But God as God has no such psychology. The Christian dogma of the Trinity is the very carefully stated response to the revelation we have been given, and is the outer limit of our knowledge of it. It is the way we have of speaking of the Person of God, as we, personal beings who are the creatures of such a Being (“made in the image of God” is the way we have been taught to express it), have been given to know it (that is, as it has been revealed to us). After all, God must be at least “personal” in some way or other if there are “persons” within the universe God made.

Since God as God is “beyond personality,” it is absurd to conceive the divine Being as specifically oriented to gender. So far feminist theology has a point, and that point has been being made forever in serious Biblical theology, both Jewish and Christian. God is ineffable, and cannot be known (grasped within a human system of knowledge which exhausts the divine being in its essence). All our speaking of God in that inner private sense of “Being” is learned, and, one hopes, reverent ignorance.

But the feminists fail to make the distinctions between the divine Being, God in essence; what that Being has chosen to reveal to us; and the form in which we have been given and receive such knowledge. It is not possible to address the God of the Bible as “she.” If you want to do that, find another revelation and mode of religion. Many in the Old Testament thought they had found it. Worship of the Mother is no new thing, nor are the preoccupations with fecundity and nurture.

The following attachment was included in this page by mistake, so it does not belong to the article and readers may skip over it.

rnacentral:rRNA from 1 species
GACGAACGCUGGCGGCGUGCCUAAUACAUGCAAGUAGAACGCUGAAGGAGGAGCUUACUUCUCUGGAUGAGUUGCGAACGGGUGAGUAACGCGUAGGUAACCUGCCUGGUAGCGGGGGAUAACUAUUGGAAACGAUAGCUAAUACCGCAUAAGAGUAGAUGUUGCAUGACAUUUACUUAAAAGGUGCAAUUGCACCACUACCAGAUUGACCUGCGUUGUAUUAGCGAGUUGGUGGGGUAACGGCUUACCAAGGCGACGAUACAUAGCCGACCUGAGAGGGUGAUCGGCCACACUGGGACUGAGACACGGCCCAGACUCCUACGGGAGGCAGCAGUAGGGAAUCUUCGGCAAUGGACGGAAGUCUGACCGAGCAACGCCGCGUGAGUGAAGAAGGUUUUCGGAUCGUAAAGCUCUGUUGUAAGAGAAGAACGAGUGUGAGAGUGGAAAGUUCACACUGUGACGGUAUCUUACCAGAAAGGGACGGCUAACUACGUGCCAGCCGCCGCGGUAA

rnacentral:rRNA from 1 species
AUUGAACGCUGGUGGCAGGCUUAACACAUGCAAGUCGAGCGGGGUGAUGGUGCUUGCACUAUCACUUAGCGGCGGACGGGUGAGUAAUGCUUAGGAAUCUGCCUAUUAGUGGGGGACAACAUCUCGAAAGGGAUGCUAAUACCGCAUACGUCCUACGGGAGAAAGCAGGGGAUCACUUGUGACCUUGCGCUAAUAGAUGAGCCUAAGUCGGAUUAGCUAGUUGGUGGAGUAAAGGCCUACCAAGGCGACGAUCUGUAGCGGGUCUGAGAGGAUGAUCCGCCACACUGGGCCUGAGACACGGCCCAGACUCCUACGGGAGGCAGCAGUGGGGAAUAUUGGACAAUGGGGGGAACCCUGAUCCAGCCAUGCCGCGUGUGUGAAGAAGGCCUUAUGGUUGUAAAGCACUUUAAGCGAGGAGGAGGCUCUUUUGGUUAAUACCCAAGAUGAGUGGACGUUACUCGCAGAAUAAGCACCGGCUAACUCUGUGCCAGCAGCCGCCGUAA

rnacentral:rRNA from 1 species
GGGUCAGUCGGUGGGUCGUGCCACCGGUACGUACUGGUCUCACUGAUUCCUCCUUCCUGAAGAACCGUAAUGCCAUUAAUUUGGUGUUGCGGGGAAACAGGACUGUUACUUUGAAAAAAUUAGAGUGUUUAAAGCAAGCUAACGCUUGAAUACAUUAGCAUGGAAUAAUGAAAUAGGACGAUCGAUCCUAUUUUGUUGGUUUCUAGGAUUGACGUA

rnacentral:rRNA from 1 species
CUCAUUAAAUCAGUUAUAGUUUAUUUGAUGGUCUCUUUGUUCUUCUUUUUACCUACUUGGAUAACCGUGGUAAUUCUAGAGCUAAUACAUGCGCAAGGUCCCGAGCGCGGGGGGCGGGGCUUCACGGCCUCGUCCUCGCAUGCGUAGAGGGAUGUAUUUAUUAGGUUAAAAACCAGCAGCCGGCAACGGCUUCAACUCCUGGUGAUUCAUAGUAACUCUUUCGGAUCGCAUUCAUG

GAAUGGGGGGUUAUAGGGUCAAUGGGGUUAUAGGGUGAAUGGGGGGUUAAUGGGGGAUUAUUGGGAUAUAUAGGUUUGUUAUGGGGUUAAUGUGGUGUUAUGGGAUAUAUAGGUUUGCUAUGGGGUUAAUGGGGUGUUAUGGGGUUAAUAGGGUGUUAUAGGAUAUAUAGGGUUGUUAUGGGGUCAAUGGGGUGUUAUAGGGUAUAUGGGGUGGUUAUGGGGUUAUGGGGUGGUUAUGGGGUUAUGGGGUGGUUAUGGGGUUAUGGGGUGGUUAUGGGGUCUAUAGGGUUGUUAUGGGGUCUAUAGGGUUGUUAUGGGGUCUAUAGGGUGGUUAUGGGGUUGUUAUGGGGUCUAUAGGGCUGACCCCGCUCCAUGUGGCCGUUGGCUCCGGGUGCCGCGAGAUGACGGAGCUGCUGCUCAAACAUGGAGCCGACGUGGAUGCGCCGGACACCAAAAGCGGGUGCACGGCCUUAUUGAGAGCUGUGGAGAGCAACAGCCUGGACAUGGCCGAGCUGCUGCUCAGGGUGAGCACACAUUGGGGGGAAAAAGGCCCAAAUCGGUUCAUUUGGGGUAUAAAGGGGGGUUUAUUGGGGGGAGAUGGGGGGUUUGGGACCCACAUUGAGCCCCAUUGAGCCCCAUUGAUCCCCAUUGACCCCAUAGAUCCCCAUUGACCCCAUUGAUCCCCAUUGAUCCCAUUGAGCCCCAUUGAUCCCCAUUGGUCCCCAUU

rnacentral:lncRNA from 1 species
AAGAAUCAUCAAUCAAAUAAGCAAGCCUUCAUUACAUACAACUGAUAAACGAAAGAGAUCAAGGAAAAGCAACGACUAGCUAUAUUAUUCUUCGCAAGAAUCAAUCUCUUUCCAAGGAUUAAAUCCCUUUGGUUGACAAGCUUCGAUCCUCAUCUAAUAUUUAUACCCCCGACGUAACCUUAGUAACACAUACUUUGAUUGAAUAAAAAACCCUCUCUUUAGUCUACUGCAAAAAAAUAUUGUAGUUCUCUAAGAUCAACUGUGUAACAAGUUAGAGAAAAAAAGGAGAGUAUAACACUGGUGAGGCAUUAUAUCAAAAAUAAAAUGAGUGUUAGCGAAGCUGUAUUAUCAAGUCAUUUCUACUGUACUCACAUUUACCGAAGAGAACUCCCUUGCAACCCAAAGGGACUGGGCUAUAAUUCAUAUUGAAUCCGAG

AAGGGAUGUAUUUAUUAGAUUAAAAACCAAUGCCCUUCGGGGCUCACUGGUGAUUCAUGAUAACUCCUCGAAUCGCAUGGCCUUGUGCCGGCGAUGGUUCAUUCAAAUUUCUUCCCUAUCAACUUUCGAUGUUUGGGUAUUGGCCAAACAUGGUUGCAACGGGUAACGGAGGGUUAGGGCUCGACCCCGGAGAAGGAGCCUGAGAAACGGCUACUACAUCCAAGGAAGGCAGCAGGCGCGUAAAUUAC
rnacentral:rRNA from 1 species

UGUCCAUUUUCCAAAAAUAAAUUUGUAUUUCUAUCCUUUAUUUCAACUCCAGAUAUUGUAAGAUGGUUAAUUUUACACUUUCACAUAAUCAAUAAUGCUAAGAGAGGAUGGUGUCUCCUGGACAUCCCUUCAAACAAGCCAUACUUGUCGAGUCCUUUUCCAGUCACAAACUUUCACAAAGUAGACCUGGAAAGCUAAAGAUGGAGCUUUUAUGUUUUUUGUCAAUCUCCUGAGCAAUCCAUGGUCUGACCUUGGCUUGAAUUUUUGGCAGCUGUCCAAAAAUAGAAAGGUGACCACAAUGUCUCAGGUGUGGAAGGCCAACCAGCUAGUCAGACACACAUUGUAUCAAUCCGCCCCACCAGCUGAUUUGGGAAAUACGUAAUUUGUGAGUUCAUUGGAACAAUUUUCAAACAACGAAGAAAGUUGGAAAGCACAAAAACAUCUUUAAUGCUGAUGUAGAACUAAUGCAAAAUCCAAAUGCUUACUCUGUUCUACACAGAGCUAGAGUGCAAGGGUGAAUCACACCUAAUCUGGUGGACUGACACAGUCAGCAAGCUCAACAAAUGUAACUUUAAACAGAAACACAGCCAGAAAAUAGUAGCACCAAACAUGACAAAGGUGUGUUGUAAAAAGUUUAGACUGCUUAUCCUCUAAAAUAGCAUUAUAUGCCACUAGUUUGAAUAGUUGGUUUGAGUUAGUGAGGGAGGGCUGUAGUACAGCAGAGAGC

The centuries-long struggle with the baals of the land of Palestine bears witness to the seriousness with which the desert-based revelation of the Hebrews took this aboriginal feminism, and in the end both defeated it and absorbed it. What is further interesting is that in the history of religions such adoration of the earth and the co-ordinates of “nature-nurture” (the old goddess) are invariably involved with blood and human sacrifice. This goddess is not benign.

And I must say for myself that I see in the holocaust of the blood of the unborn in our society a revival of this death-dealing dark side of such a cult, whether ancient or modern. It is ridiculous for proponents of the goddess to ascribe the licence for battle and murder to a “masculine” diety. The old girl is even more cruel and more bloody. Neither a Druid nor a Bacchant is anything you would want to meet in the moonlight.

All our talk of God is metaphorical. One knows perfectly well that God is not “he” or “father” in any generic sense that would ascribe masculinity to God. in essence. Nevertheless, within the revelation that “the people of the Book,” both old Covenant and New Covenant, hold to be decisive, there is a system of authoritative and significant discourse which, I think and believe, we are not at liberty to alter if we are to remain faithful in any way to its revelation. Not to do so means we have chosen another religion and altered the structure of what we have been shown. Anyone is free to do this and speak about it, but you cannot claim to be “of the Bible,” or “of the Church,” if you do.

This article has been reprinted, with permission, from the Parish Paper of St. John’s Church, Savannah, Epiphany V, 1992.